Evidence of political interference in the decision-making processes related to governmental actions, including the development of capital budgets, can be found throughout American history. Taking a look at this connection can help shed some light on the wide variety of outcomes possible when considering and discussing government initiatives, including budgets.
Throughout history, individuals and groups have focused their efforts on exposing fraudulent and corrupt political and government processes. One of the most significant movements that highlighted political corruption was the Progressive Movement. Starting in the late 1890s, this movement sought to reform social and economic corruption and abuse. Even then, business leaders and political figureheads understood the importance of inclusion in the political process. In a large sense, the spirit and aims of the Progressive Movement continue today.
The capital budget process helps local, state and federal governments identify capital development projects that require short- or long-term funding. This includes projects related to infrastructure, land acquisition and major renovations to government and public structures. Once the capital budget is completed, the bidding process for contracts and funding begins in earnest. If not handled properly, the door can open wide enough for unscrupulous behavior and actions.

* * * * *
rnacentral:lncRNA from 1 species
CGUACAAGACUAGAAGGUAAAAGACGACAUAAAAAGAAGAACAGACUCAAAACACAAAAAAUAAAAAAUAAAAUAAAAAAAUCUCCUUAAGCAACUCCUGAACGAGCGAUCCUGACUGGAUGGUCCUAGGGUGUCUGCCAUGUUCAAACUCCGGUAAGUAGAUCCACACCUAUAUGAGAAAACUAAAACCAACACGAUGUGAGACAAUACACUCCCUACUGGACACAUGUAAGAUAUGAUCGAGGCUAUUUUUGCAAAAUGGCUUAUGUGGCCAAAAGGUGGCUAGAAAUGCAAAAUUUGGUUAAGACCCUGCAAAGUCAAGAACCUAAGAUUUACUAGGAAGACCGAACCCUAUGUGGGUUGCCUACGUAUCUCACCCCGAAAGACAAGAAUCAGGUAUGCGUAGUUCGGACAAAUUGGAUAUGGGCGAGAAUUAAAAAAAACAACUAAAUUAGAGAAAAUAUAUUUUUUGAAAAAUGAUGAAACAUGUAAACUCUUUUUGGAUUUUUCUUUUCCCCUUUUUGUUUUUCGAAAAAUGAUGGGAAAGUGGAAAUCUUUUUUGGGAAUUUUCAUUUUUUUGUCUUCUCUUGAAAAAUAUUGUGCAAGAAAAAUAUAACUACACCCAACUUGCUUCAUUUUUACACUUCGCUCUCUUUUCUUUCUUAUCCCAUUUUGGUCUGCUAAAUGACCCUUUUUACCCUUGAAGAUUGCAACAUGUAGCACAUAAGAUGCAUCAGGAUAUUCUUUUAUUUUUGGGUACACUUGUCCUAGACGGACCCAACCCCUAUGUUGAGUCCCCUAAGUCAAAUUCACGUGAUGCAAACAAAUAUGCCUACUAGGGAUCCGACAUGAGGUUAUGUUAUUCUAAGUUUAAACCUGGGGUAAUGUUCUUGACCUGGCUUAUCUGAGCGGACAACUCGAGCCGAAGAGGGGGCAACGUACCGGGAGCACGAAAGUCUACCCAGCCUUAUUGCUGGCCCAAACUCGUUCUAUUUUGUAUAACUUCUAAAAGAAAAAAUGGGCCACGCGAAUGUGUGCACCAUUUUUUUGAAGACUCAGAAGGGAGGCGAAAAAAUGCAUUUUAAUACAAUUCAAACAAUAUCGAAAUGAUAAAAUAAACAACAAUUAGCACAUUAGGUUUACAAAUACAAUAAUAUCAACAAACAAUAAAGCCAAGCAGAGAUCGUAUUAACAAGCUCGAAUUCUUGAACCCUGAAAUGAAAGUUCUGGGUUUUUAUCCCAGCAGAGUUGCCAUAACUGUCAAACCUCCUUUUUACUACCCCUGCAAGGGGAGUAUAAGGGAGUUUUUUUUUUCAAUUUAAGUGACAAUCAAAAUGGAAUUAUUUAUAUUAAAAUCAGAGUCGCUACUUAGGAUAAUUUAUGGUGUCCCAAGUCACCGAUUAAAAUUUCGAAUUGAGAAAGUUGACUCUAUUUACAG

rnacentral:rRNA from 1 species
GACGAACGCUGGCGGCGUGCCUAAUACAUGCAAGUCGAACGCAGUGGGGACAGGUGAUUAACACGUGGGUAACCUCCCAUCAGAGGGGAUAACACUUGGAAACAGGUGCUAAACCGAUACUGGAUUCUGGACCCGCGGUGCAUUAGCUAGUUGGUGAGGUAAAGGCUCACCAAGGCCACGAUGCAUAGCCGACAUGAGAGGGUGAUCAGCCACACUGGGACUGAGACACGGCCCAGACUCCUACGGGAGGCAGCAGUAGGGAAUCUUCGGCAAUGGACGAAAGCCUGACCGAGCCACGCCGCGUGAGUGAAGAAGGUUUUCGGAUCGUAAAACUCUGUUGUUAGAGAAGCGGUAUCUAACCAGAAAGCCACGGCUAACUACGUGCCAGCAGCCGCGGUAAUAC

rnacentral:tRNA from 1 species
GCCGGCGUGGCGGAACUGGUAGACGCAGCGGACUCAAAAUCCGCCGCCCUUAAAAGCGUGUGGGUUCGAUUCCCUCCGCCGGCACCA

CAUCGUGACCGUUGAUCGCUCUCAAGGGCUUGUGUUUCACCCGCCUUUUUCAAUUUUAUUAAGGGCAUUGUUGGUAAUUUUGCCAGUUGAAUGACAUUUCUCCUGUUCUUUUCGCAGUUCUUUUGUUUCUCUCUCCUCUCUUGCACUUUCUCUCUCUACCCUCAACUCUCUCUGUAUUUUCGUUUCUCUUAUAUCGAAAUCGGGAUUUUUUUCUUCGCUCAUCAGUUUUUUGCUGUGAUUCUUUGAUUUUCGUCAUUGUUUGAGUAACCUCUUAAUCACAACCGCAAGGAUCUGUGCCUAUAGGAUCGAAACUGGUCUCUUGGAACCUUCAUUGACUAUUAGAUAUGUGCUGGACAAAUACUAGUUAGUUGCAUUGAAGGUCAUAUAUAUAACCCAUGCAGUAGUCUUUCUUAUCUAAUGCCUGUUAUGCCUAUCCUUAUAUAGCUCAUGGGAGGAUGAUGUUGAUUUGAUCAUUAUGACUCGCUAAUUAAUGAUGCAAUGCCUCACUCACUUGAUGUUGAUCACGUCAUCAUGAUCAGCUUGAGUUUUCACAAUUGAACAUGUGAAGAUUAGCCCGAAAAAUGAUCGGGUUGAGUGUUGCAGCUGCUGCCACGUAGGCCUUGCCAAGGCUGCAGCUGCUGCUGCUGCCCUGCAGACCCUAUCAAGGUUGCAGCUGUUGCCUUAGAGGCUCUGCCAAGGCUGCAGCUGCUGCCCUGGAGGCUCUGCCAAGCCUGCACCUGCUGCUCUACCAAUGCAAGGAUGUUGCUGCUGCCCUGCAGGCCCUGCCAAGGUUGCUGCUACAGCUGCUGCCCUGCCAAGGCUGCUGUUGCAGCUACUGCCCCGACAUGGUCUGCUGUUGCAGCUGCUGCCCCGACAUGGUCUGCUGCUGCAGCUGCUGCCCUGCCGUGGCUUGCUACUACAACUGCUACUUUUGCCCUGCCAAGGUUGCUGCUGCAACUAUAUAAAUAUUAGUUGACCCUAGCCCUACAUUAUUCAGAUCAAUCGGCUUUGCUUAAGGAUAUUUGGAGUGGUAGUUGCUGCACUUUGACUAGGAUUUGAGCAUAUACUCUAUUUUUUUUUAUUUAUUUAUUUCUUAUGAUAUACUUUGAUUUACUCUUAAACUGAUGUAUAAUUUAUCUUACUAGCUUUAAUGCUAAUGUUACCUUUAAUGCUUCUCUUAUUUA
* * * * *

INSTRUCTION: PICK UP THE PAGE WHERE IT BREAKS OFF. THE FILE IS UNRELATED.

Individuals, special interest groups and businesses can all benefit from the approval of specific projects and funding initiatives. Benefits can include advertising and press at ribbon-cutting ceremonies and opportunities to earn additional government contracts and projects. Elected officials must reach decisions that benefit the greater good without regard to the benefits provided to those awarded government contracts or capital project work. The fine line that separates politics and the capital budget process must remain clear and delineable during the entire process to ensure corruption remains at bay.
With jobs and future growth at stake, companies may look to capital budget projects to help them succeed. Agencies in charge of establishing budget priorities, developing the budget and examining potential contractors need to follow guidelines and documentation procedures to ensure the process remains free of political influence. Political corruption at any point in the capital budget process has the potential to reduce revenue and increase costs related to capital projects and initiatives.
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